Melissa Ashley - author of The Birdman's Wife

Author Q&As

Tell us about your book, what inspired you to write it.

It all started when I fell in love with a poet, and with his poem about a bird.  We became avid birdwatchers together.  Writers, too.  When he rescued a ringneck parrot and we adopted it as a pet, a friend gave me a book about birds and a biography about John Gould, the famous ‘father’ of Australian ornithology.  That was how I discovered that his wife, Elizabeth, created the beautiful images of birds he wrote about in his exquisitely illustrated folios. She was portrayed as such a shadowy figure yet her work as an artist was so key to his fame and the history of birds that I became enthralled with her. I began researching Elizabeth’s life in earnest and the more I learned about her, the more determined I became to uncover her story.

I’ve always loved stories about women who are overlooked by history, and I find creative artistic relationships fascinating - Frida Kahlo and Diego Rivera; Mary Shelley and Percy Bysshe Shelley; Robert and Elizabeth Barrett Browning – so Elizabeth and John Gould’s intimate creative relationship added an extra spark of interest. Elizabeth Gould was such an intriguing enigma that I became convinced that she would be the ideal protagonist for an historical novel so I made her the subject of my PhD. Her story became a labour of love and my first novel.


Do you use your own experiences when writing?

I have drawn upon my experiences as a mother, as a writer, as a woman, and partner in writing The Birdman’s Wife. However, I wouldn’t say my personal experiences enter the writing, it is more that these roles, in their complexity and fluidity, have informed both the creation of the character, Elizabeth Gould, and my choice to explore her forgotten story. More of a general, human application, than anything specific in terms of personality or scenes.


Which author, living or dead, would you like to have dinner with?

My favourite living author is probably the British writer Rachel Cusk. She writes both fiction and memoir; all her work is brilliant, inventive, reflective and layered with complexity. She writes about family and relationships with a searing honesty. Her memoirs A Life’s Work: On Becoming a Mother and Aftermath, which explores her experience of divorce, are both controversial texts, in terms of their brutal candidness and penetrating interiority, but it is these characteristics that I respond to as a person and as a writer. I have read that in response to the outcries and charges regarding the ethics of Aftermath, Cusk stopped writing for a period. When she returned to writing, she published two novels, Outline and Transit which upset the boundaries between fiction and memoir, and, in my opinion, brought her the world-wide readers she deserves.

That said, in the presence of my literary hero, I’m not sure if I’d be able to speak (or eat for that matter)!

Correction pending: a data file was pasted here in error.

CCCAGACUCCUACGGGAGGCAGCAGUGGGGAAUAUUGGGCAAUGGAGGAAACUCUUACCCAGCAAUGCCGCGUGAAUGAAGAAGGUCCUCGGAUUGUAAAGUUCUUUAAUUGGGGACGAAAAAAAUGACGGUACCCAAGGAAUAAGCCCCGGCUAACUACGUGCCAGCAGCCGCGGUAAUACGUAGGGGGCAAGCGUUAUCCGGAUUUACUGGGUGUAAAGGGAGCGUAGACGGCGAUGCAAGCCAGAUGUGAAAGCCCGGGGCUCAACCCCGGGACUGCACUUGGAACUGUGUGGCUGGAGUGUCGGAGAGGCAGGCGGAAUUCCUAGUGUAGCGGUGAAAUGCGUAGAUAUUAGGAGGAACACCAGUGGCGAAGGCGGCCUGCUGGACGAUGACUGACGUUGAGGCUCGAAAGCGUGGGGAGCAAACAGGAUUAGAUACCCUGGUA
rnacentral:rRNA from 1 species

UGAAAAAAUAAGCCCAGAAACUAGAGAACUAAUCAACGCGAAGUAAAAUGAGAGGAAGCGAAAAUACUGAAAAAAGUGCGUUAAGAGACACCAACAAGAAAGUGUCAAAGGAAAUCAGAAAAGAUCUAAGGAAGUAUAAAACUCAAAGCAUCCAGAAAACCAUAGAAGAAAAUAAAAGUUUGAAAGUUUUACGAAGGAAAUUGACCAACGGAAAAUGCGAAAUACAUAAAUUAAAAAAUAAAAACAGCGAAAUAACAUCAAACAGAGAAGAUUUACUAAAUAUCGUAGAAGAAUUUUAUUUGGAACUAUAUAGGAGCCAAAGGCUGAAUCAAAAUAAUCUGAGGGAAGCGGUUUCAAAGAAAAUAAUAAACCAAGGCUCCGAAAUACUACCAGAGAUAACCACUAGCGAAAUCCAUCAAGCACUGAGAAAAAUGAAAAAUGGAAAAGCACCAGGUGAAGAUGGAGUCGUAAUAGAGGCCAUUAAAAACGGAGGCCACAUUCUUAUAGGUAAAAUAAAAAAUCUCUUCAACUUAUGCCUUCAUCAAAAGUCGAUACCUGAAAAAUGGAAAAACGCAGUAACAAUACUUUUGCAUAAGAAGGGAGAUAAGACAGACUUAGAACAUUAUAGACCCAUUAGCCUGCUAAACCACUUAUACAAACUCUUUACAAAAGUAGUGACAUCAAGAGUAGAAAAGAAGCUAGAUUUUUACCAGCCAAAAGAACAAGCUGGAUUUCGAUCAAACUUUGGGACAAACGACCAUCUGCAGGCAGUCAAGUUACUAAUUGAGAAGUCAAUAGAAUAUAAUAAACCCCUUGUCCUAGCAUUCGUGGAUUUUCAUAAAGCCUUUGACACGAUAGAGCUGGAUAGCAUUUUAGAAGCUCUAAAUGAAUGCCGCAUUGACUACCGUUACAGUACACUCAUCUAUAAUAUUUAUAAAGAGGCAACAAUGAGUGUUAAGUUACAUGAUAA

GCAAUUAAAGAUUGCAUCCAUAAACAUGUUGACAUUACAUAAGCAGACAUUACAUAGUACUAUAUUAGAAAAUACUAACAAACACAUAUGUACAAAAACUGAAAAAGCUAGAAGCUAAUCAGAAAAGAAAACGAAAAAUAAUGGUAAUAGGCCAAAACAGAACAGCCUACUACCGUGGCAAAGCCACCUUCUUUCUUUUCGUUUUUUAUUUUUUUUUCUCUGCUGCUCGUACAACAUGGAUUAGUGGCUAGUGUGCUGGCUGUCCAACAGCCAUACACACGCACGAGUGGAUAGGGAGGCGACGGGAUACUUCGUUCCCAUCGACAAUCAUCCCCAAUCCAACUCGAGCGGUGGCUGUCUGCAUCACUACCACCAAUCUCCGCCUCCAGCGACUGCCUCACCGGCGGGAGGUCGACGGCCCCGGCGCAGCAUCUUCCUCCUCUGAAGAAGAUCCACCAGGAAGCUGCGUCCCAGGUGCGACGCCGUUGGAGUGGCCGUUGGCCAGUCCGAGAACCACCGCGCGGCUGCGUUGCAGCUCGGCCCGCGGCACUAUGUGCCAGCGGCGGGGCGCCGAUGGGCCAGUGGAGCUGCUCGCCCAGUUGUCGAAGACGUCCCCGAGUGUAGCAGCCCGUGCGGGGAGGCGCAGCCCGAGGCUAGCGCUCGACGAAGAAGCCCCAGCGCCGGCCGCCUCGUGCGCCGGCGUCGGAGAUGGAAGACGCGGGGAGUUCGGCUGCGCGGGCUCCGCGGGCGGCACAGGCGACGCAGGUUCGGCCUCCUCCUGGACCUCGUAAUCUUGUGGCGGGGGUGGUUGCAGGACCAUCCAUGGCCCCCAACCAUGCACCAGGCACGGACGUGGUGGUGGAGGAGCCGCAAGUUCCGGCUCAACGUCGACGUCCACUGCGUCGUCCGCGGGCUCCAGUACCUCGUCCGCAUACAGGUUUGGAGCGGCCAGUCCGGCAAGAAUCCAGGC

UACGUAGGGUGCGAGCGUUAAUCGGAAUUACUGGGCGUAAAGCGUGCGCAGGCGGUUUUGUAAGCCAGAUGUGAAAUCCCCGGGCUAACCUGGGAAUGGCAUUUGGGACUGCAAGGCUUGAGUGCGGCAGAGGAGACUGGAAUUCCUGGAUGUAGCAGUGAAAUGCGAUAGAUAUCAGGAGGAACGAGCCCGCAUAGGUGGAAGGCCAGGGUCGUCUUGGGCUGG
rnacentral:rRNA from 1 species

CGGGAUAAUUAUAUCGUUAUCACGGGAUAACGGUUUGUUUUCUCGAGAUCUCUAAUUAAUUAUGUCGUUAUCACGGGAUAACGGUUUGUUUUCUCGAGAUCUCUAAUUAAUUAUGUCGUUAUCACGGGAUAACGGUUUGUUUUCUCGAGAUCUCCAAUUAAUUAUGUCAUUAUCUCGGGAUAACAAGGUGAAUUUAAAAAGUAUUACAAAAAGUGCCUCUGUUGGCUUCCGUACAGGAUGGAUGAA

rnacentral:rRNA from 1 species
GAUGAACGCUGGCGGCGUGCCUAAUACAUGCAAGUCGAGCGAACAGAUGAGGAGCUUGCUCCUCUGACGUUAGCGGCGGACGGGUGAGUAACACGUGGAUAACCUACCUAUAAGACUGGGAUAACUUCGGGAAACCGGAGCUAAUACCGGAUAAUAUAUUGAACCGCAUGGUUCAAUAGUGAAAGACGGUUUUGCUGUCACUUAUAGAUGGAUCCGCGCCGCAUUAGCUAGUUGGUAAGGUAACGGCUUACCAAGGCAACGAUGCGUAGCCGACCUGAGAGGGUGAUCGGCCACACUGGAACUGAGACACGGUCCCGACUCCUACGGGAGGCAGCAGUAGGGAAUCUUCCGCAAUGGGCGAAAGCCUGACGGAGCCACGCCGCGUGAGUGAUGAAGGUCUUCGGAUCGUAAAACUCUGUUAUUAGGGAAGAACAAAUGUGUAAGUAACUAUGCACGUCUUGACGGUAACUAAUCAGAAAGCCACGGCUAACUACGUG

How and Where Do you Write?

It varies. During the stages of an early draft, I write quite erratically. I do follow a basic discipline of writing in the morning, usually for no more than a few hours. I then read and research, and, if all’s going well, I write again in the evening. I can write at my desk, in bed, on the couch, it varies. This writing is done is short bursts, no more than two hours (if that) at a time. But I can pick up the text at any time, if a solution or an idea comes to me when I’m doing something else. But the other, much long stages of writing a novel: revising, editing and rewriting generally take place in my study, and, depending on deadlines, I can work for periods of up to ten hours in a single sitting. Phew!  


What was your favourite book as a child?

I wasn’t a big reader as a child, but I do remember an exquisite reading experience. Our family had immigrated in Australia from New Zealand, and I had gone to school in Sydney for six months. We then moved to Brisbane. I went to three schools in a single year, and, as you can imagine, this was a challenging experience. I recall feeling incredibly comforted and stilled by my year three teacher in Brisbane, who everyday read to us from C.S. Lewis’ The Lion, The Witch and The Wardrobe. I was utterly spellbound and couldn’t wait to come to school each day for the next chapter. 

We know you are a talented writer, do you have any hidden talents?

I have a good eye for a retro bargain. I like to throw spontaneous dinner parties.


Can you tell us what you are working on now?

I am immersed in late 17th century Paris, in the salons of the female aristocrats who invented the literary fairy tale. They also contributed to the development of the novel and travel memoir, but were written out of the literary canon, ridiculed and mocked even, during the Enlightenment. There’s murder, affairs, intrigue aplenty in their stories. And, as with Elizabeth’s story, I’m pursuing my passion for uncovering women’s hidden creative and artistic lives.